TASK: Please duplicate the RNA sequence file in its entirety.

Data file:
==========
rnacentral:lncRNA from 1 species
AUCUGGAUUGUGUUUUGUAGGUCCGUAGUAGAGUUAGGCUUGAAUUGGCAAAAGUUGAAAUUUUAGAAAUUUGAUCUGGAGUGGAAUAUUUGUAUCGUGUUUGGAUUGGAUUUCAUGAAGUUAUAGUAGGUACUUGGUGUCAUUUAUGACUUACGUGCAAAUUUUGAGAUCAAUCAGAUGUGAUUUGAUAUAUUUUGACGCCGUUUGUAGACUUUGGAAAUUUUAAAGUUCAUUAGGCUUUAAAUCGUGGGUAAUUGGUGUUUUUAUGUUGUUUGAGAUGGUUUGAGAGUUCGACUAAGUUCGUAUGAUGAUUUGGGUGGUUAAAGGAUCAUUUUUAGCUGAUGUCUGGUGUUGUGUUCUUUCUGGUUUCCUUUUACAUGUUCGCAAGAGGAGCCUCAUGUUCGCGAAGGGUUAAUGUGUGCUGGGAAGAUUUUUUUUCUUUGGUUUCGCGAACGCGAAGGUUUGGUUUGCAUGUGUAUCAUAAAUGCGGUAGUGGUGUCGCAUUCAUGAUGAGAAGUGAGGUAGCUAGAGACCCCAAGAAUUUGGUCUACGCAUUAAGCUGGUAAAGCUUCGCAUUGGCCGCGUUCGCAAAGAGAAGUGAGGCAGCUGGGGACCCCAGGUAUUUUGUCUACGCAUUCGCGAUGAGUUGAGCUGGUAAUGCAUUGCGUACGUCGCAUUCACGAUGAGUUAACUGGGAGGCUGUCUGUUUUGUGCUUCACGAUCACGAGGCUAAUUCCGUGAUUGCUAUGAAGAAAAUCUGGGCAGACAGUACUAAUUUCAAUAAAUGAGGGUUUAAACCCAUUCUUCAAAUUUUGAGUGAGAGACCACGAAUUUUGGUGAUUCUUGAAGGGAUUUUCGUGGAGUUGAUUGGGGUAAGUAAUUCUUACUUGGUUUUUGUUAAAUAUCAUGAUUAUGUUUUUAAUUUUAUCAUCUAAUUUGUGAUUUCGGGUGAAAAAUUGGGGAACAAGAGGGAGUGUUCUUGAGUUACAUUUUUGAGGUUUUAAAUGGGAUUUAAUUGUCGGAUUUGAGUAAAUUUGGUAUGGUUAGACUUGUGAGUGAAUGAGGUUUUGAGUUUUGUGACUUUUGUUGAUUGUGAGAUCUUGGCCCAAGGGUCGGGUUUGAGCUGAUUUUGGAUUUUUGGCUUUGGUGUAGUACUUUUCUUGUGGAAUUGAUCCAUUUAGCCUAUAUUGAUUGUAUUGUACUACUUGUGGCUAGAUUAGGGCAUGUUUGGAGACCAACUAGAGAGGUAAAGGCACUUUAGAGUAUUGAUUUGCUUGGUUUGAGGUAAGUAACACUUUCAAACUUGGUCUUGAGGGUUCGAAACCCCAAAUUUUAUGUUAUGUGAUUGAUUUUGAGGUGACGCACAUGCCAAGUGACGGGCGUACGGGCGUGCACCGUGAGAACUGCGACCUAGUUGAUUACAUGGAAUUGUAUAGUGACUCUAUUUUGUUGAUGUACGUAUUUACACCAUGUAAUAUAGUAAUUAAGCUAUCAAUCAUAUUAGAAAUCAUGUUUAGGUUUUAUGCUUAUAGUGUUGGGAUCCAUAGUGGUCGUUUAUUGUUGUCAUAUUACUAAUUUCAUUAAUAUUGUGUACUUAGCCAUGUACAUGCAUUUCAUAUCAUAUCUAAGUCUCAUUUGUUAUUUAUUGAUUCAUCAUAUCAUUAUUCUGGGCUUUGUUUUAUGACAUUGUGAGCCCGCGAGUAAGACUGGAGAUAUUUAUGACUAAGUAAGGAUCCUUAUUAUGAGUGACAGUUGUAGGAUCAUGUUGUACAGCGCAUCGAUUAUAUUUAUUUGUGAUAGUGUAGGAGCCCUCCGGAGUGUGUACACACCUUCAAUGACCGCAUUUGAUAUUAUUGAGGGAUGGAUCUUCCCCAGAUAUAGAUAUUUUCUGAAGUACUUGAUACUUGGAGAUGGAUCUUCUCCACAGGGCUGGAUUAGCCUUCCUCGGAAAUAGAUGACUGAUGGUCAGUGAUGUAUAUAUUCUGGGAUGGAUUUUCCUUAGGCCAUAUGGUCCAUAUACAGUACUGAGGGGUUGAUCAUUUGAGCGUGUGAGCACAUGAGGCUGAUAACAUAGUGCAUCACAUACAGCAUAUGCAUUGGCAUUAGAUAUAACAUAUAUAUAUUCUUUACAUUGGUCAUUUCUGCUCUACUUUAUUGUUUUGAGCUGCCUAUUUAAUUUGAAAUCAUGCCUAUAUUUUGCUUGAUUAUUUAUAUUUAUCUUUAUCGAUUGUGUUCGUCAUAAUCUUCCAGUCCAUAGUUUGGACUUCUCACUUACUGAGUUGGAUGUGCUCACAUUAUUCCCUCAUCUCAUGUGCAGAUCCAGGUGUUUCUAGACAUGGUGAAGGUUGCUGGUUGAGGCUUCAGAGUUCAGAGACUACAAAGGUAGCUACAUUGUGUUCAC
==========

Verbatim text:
rnacentral:lncRNA from 1 species
AUCUGGAUUGUGUUUUGUAGGUCCGUAGUAGAGUUAGGCUUGAAUUGGCAAAAGUUGAAAUUUUAGAAAUUUGAUCUGGAGUGGAAUAUUUGUAUCGUGUUUGGAUUGGAUUUCAUGAAGUUAUAGUAGGUACUUGGUGUCAUUUAUGACUUACGUGCAAAUUUUGAGAUCAAUCAGAUGUGAUUUGAUAUAUUUUGACGCCGUUUGUAGACUUUGGAAAUUUUAAAGUUCAUUAGGCUUUAAAUCGUGGGUAAUUGGUGUUUUUAUGUUGUUUGAGAUGGUUUGAGAGUUCGACUAAGUUCGUAUGAUGAUUUGGGUGGUUAAAGGAUCAUUUUUAGCUGAUGUCUGGUGUUGUGUUCUUUCUGGUUUCCUUUUACAUGUUCGCAAGAGGAGCCUCAUGUUCGCGAAGGGUUAAUGUGUGCUGGGAAGAUUUUUUUUCUUUGGUUUCGCGAACGCGAAGGUUUGGUUUGCAUGUGUAUCAUAAAUGCGGUAGUGGUGUCGCAUUCAUGAUGAGAAGUGAGGUAGCUAGAGACCCCAAGAAUUUGGUCUACGCAUUAAGCUGGUAAAGCUUCGCAUUGGCCGCGUUCGCAAAGAGAAGUGAGGCAGCUGGGGACCCCAGGUAUUUUGUCUACGCAUUCGCGAUGAGUUGAGCUGGUAAUGCAUUGCGUACGUCGCAUUCACGAUGAGUUAACUGGGAGGCUGUCUGUUUUGUGCUUCACGAUCACGAGGCUAAUUCCGUGAUUGCUAUGAAGAAAAUCUGGGCAGACAGUACUAAUUUCAAUAAAUGAGGGUUUAAACCCAUUCUUCAAAUUUUGAGUGAGAGACCACGAAUUUUGGUGAUUCUUGAAGGGAUUUUCGUGGAGUUGAUUGGGGUAAGUAAUUCUUACUUGGUUUUUGUUAAAUAUCAUGAUUAUGUUUUUAAUUUUAUCAUCUAAUUUGUGAUUUCGGGUGAAAAAUUGGGGAACAAGAGGGAGUGUUCUUGAGUUACAUUUUUGAGGUUUUAAAUGGGAUUUAAUUGUCGGAUUUGAGUAAAUUUGGUAUGGUUAGACUUGUGAGUGAAUGAGGUUUUGAGUUUUGUGACUUUUGUUGAUUGUGAGAUCUUGGCCCAAGGGUCGGGUUUGAGCUGAUUUUGGAUUUUUGGCUUUGGUGUAGUACUUUUCUUGUGGAAUUGAUCCAUUUAGCCUAUAUUGAUUGUAUUGUACUACUUGUGGCUAGAUUAGGGCAUGUUUGGAGACCAACUAGAGAGGUAAAGGCACUUUAGAGUAUUGAUUUGCUUGGUUUGAGGUAAGUAACACUUUCAAACUUGGUCUUGAGGGUUCGAAACCCCAAAUUUUAUGUUAUGUGAUUGAUUUUGAGGUGACGCACAUGCCAAGUGACGGGCGUACGGGCGUGCACCGUGAGAACUGCGACCUAGUUGAUUACAUGGAAUUGUAUAGUGACUCUAUUUUGUUGAUGUACGUAUUUACACCAUGUAAUAUAGUAAUUAAGCUAUCAAUCAUAUUAGAAAUCAUGUUUAGGUUUUAUGCUUAUAGUGUUGGGAUCCAUAGUGGUCGUUUAUUGUUGUCAUAUUACUAAUUUCAUUAAUAUUGUGUACUUAGCCAUGUACAUGCAUUUCAUAUCAUAUCUAAGUCUCAUUUGUUAUUUAUUGAUUCAUCAUAUCAUUAUUCUGGGCUUUGUUUUAUGACAUUGUGAGCCCGCGAGUAAGACUGGAGAUAUUUAUGACUAAGUAAGGAUCCUUAUUAUGAGUGACAGUUGUAGGAUCAUGUUGUACAGCGCAUCGAUUAUAUUUAUUUGUGAUAGUGUAGGAGCCCUCCGGAGUGUGUACACACCUUCAAUGACCGCAUUUGAUAUUAUUGAGGGAUGGAUCUUCCCCAGAUAUAGAUAUUUUCUGAAGUACUUGAUACUUGGAGAUGGAUCUUCUCCACAGGGCUGGAUUAGCCUUCCUCGGAAAUAGAUGACUGAUGGUCAGUGAUGUAUAUAUUCUGGGAUGGAUUUUCCUUAGGCCAUAUGGUCCAUAUACAGUACUGAGGGGUUGAUCAUUUGAGCGUGUGAGCACAUGAGGCUGAUAACAUAGUGCAUCACAUACAGCAUAUGCAUUGGCAUUAGAUAUAACAUAUAUAUAUUCUUUACAUUGGUCAUUUCUGCUCUACUUUAUUGUUUUGAGCUGCCUAUUUAAUUUGAAAUCAUGCCUAUAUUUUGCUUGAUUAUUUAUAUUUAUCUUUAUCGAUUGUGUUCGUCAUAAUCUUCCAGUCCAUAGUUUGGACUUCUCACUUACUGAGUUGGAUGUGCUCACAUUAUUCCCUCAUCUCAUGUGCAGAUCCAGGUGUUUCUAGACAUGGUGAAGGUUGCUGGUUGAGGCUUCAGAGUUCAGAGACUACAAAGGUAGCUACAUUGUGUUCAC